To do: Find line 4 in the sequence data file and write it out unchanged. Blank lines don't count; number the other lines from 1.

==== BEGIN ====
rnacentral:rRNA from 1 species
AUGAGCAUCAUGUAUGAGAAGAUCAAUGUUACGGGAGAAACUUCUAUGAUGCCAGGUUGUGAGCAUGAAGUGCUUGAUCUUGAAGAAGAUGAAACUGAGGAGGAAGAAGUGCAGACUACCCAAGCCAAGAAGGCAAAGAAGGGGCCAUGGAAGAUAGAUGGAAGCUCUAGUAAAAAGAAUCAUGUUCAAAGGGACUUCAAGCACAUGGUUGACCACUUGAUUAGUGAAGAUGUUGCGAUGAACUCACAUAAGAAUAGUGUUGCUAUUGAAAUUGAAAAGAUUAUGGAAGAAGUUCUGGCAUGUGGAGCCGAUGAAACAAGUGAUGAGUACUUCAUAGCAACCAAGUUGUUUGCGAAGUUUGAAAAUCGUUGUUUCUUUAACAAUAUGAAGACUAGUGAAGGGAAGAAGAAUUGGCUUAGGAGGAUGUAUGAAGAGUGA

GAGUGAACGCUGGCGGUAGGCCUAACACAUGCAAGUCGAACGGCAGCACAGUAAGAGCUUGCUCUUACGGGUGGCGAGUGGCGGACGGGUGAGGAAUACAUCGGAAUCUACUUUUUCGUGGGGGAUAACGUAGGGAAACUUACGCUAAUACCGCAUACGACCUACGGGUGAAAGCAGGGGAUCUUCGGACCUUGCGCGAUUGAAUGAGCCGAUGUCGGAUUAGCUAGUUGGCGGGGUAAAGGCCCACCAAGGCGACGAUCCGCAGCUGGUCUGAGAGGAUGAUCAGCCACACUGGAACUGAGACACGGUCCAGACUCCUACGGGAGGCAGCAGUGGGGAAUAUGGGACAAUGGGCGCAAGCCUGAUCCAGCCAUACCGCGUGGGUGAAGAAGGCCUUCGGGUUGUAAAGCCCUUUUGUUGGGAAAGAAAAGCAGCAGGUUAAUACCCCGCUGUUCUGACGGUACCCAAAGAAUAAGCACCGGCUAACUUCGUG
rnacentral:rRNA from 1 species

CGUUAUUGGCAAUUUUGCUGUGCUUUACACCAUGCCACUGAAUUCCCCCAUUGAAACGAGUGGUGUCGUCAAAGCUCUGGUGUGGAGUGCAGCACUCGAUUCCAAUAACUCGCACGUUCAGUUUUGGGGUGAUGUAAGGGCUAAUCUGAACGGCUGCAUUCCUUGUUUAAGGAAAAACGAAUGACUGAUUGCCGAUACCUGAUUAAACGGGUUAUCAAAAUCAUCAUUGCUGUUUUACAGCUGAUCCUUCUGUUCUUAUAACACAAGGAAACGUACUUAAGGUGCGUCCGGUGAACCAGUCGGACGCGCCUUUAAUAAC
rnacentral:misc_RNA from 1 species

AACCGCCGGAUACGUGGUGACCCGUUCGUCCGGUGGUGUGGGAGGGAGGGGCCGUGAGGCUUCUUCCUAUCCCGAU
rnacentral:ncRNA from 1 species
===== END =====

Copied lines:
rnacentral:rRNA from 1 species